“How much more money until you pay off the window?” Bertie the Kid asked.

Kid Carson seemed surprised by the question. “Once the money started rolling in, it seemed silly to give some back to my mom when she never even expected me to pay it in the first place. Besides, I needed a new seat on my bike and some better shoes--my last ones had a bunch of holes in them.” The elder creekboy realized that he was starting to sound defensive. “The point is, there is some real money in golf ball gathering, and I’m not going to let Mr. Cassidy keep us from getting it.”

“Us?” Bertie the Kid asked.

“Why not?” Kid Carson followed up. “Even if you’re not coming everyday, you’ll still make triple what you could make as an official ‘creekboy.’ You’re not going to let pride over a silly title like ‘creekboy’ keep you from a great deal, are you?”

Pride? Bertie the Kid wondered if that was true. He wondered if he was just being proud, keeping him from seeing things as they really were. Why was he so strongly defending Mr. Cassidy and the whole creekboy profession? It’s not like Mr. Cassidy really cared all that much about him, especially lately. Mr. Cassidy just started the whole creekboy business to keep unwanted kids off his course and maybe make a bit of money on the side.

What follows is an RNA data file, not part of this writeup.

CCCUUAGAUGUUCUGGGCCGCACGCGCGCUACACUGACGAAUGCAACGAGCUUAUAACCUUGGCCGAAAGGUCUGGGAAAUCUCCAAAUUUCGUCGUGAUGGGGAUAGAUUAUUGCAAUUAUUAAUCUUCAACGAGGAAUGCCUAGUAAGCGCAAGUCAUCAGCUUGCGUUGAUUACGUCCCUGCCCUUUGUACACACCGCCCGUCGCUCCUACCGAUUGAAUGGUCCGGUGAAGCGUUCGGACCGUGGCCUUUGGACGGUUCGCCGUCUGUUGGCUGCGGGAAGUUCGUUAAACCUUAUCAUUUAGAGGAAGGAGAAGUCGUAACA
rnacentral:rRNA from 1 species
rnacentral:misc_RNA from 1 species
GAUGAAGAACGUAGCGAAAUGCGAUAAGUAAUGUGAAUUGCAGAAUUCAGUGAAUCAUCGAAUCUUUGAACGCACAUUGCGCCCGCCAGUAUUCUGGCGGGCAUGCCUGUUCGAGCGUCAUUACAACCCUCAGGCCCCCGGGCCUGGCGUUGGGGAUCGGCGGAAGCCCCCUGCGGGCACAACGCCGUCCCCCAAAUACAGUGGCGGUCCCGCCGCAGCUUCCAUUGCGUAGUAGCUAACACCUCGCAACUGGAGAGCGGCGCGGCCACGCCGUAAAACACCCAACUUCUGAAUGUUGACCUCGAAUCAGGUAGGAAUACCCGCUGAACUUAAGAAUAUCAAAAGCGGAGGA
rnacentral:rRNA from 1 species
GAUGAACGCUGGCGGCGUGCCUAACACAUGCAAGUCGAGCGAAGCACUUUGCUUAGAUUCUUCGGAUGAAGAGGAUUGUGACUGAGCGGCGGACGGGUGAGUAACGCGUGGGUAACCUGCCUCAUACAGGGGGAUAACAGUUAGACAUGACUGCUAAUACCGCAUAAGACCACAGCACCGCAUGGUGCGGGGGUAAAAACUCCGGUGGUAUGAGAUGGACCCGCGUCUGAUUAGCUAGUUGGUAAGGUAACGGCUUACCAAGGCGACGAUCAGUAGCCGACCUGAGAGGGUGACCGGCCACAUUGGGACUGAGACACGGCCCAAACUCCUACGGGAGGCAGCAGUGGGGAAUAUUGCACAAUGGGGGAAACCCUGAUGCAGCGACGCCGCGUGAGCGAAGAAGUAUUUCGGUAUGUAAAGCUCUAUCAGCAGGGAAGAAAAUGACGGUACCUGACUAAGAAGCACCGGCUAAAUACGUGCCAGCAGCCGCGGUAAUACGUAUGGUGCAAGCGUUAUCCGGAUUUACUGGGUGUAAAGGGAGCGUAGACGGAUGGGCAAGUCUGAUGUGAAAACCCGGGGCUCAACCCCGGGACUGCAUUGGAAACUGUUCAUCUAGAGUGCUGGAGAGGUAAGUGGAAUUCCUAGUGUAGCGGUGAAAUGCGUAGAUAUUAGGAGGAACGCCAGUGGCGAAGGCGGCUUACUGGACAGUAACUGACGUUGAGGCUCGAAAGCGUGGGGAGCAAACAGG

Bertie then considered what would happen if he took Kid Carson up on the deal. He would sneak on the course when Kid Carson called on him and do the same thing that he had been doing. It would be no different than what he did today. He would be no different from the Andersons who are not really criminals or bad people, just kids harmlessly roaming the golf course.